October 16, 2011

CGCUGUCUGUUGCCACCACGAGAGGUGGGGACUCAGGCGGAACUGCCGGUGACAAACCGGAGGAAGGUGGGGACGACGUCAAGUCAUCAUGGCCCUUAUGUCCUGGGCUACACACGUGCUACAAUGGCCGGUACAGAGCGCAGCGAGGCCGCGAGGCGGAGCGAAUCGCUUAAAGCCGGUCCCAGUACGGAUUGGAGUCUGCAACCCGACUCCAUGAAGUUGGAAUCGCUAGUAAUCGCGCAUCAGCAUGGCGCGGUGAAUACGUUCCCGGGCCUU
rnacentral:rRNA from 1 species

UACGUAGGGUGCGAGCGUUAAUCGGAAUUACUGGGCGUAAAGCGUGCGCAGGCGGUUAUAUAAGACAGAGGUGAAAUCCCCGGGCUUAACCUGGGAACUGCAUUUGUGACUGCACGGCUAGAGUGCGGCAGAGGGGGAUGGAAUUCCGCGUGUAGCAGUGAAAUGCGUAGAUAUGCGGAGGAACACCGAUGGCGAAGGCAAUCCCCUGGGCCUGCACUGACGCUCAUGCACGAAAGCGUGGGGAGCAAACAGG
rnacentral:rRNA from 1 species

Herbs are always within reach. Last minute grabs in semi-darkness of parsley, sprigs of oregano, a handful of rosemary to pop inside a chicken – I dodge slugs, hop-scotch over rocks to get to the herb garden. I can hear guests- my dear friends – inside the house, their voices amplified by wine. Kneeling down beside rows of basil I pause. Then it happens. The Rome of my childhood returns, spinning like a filmic montage out of the star-spangled night. Basil tied with coarse twine, stacked beside armloads of rosemary, beside folds of pale white calamari and shrimp winking in the buttery Roman light. I can barely see above the wooden table, so Mama lifts me up. “See the fish’s teeth, Nikela? Its pink tongue?” I poke a finger into the soft, damp flesh of a snapper. Povarino! I refuse to eat fish for weeks afterwards. And as long as I keep up my boycott, I believe my parents will see my determination and decide not to divorce. I really believe this. I go to the open market several times a week. Sometimes, my nanny or mother makes me stand to the side, out of the way, clutching a loaf of warm bread and fistful of basil while they barter over the mussels or soft shelled crabs that just came in from Sicily. Now, as I pinch off the basil in my garden, the air is so aromatic that I become woozy. I hold up my hands and inhale. Rosemary, Oregano. Pungent.Green. The meal will be splendid, I think – the snapper will come alive on the plate, garnished with these herbs I have grown.